June 15, Carlton Fletcher wrote a column about the decade with the worst music: the ’80s. Soon after, he was taken to task by squawkers, friends and assorted ’80s music defenders.
He and I had a conversation about this subject, and we came to the conclusion that there was a lot of really good music in the 1980s, but it was grossly overshadowed by an influx of sound-alike hairbands, bad pop and synthesizers.
As the ’80s began, music lovers were still riding the high of Pink Floyd’s “The Wall,” AC/DC’s final album with Bon Scott as their frontman, “Highway To Hell,” and bathing themselves in one of the last great albums of the dying punk rock scene, “London Calling” by the Clash.
Musically speaking, 1980 featured a few significant contributions ... among them, Bruce Springsteen’s “The River,” Prince’s “Dirty Mind,” Bob Seger’s “Against The Wind” and “The Game” by Queen. But it was what happened on Dec. 8 that year that would perhaps be the most poignant event of the entire decade to come. That was the day Mark David Chapman fatally shot John Lennon in front of his New York City home. It was the end of an era for fans all over the globe and a major loss to the music world. Lennon left a legacy of amazing songs, including the touching “Beautiful Boy” from the album “Double Fantasy,” which Lennon had released earlier in the year.
1981 and 82 brought us the good — Smokey Robinson’s “Being With You,” Marvin Gaye’s “Sexual Healing,” Paul McCartney’s “Take It Away,” John Mellencamp’s “Jack and Diane,” Dan Fogelberg’s “Same Old Lang Syne” — the bad — Michael McDonald’s “I Keep Forgettin,’” Survivor’s “The Eye Of The Tiger” — and the ugly — “Let’s Get Physical” by Olivia Newton John.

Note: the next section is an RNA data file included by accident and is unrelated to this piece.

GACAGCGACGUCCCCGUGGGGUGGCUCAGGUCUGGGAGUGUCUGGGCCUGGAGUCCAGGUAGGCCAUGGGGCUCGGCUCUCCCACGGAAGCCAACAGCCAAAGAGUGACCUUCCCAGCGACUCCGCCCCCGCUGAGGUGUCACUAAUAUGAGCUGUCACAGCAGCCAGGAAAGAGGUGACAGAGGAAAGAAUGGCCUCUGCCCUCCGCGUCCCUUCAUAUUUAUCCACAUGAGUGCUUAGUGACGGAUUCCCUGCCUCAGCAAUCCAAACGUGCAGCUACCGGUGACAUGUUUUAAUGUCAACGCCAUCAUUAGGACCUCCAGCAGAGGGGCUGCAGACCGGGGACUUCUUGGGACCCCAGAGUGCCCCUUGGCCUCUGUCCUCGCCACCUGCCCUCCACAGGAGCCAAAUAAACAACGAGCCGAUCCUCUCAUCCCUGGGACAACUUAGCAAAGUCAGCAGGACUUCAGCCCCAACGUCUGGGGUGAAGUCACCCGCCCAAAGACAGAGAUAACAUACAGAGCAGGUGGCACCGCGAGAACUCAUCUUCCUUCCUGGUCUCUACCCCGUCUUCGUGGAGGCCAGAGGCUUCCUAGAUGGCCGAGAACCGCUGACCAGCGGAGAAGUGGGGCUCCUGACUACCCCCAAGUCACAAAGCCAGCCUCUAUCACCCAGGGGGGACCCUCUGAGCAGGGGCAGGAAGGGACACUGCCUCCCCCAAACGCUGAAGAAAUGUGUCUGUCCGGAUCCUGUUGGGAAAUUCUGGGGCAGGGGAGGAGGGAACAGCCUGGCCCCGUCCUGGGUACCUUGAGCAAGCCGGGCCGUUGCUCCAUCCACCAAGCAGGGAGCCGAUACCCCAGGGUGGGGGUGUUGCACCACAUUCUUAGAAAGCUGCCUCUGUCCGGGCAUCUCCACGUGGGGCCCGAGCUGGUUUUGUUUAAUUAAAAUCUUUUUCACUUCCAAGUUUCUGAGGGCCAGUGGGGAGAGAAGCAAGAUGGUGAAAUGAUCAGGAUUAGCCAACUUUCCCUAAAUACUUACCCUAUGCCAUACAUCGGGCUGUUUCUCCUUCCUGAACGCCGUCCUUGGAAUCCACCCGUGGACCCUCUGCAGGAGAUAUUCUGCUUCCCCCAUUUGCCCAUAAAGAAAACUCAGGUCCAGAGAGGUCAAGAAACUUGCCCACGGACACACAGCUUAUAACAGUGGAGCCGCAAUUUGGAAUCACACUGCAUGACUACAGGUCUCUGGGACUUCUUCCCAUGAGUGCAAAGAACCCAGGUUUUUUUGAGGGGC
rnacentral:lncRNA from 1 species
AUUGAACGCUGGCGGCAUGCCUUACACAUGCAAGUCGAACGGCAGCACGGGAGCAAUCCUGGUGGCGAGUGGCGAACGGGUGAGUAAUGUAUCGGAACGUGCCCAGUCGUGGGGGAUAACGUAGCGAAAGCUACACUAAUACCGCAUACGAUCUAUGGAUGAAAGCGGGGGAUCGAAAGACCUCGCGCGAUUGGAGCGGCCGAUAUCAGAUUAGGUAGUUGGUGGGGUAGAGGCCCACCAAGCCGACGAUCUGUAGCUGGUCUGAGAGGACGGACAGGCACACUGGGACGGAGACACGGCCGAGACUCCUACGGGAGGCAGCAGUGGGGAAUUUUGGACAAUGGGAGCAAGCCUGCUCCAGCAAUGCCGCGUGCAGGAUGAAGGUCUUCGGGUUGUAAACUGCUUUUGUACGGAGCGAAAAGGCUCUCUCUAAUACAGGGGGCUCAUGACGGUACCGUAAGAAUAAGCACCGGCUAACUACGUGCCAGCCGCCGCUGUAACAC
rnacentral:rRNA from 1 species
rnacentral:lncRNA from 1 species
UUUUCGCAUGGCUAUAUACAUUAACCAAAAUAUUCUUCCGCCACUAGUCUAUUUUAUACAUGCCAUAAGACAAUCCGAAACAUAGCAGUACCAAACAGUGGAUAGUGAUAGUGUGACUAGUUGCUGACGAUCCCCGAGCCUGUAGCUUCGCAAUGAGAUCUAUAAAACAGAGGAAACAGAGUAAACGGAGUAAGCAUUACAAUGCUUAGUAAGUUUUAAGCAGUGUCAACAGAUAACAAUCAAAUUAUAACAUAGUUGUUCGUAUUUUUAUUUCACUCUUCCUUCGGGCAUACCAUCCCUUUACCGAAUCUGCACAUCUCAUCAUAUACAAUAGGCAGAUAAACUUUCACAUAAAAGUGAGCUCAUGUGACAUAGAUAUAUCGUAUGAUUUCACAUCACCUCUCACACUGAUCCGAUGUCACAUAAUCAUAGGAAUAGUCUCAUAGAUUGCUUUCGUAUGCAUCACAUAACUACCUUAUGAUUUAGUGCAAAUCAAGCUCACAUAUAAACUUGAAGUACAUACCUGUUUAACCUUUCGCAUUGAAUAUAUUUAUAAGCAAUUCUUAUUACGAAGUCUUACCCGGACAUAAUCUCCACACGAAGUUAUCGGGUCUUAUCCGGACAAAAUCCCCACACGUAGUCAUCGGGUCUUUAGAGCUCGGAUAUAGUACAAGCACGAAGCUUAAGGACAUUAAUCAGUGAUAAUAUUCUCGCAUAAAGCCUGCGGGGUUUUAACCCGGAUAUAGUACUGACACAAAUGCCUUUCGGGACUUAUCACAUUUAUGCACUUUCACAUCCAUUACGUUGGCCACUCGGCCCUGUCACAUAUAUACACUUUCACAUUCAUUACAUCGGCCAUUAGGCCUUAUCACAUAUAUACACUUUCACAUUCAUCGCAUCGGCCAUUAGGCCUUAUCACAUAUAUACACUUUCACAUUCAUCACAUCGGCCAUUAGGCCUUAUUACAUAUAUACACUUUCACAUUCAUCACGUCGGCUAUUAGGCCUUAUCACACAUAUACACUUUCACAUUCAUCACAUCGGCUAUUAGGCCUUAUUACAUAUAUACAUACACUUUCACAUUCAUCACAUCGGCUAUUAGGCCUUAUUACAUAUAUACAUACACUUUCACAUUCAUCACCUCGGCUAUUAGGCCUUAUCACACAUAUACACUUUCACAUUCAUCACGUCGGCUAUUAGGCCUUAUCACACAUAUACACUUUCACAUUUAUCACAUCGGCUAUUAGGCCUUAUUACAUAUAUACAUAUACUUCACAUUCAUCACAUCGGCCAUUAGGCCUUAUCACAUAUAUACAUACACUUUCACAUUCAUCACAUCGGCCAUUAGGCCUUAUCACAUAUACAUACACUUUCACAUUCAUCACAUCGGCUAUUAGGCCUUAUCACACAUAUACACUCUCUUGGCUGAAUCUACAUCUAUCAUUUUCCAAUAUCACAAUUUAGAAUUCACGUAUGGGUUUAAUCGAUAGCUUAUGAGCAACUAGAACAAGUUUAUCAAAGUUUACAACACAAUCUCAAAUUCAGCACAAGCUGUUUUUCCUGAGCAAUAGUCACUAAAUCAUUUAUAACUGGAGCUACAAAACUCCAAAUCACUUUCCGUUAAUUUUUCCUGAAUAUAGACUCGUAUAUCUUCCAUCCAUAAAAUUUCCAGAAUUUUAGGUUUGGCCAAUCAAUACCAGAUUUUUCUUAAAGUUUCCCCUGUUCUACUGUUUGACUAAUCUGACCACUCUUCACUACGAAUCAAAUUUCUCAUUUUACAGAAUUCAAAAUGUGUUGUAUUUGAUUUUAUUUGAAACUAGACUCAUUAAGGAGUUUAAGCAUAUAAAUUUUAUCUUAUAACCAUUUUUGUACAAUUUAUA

By this time “hair bands” had become as big as their perfectly teased manes ... Ratt, Motley Crue, Poison, Cinderella and bands like them pumped out bad song after bad song that I would liken to a lot of today’s music: all fluff, no substance. I already know I’ll be crucified for this, but this is an opinion column, and in my opinion, hair bands are tied with disco for worst music ever.
I will say this about ’80s music, though; although most of the lyrics were about as deep as a politician’s promise, the music was fun. We all sing along and smile when we hear Rick James, Tone Loc, The B-52’s, Duran Duran, The Dazz Band or Culture Club.
And the ’80s had more than their share of one-hit-wonders like Dexy’s Midnight Runners (“Come on Eileen”), Frankie Goes To Hollywood (“Relax”), Wall of Voodoo (“Mexican Radio”), The Buggles (“Video Killed The Radio Star”) and Bobby McFerrin (“Don’t Worry Be Happy).”
I asked for his input, and Carlton and I both picked a few of what we thought were standout songs of the ’80s.
♦ “Welcome to the Boomtown” — David and David
♦ “Cruel Summer” — Bananarama
♦ “Sweet Child o’ Mine” — Guns N Roses
♦ “Sister Christian” — Night Ranger
♦ “Purple Rain” — Prince
♦ “Pride (In the Name of Love)” — U2
♦ Tom Petty — “Free Fallin’”
♦ Travelin’ Wilburys — “End of the Line”
♦ Sade — “Smooth Operator”
♦ George Clinton — “Atomic Dog”
♦ REM — “Losing My Religion”
♦ Queen/David Bowie — “Under Pressure”
Of course, if you say the music of the ’80s sucked, people will automatically bring up Michael Jackson as an example of why you’re wrong, so let me go ahead and say that the album “Thriller” was one of the best albums of the ’80s, and, for many, of all time. Also worthy of a mention are George Michael, Whitney Houston, Blondie, Tina Turner, Stevie Nicks and Peter Gabriel.
It turns out that the ’80s weren’t so bad after all, and even the bad stuff tends to evoke acute feelings of nostalgia for most of us.
So if I want to hear meaningful lyrics and skillful musicianship, I’m going to stick with my favorite musical decade, the ’70s. But from now on, when I think of ’80s music I will have a kinder, gentler opinion and enjoy it for what it was: simple and fun.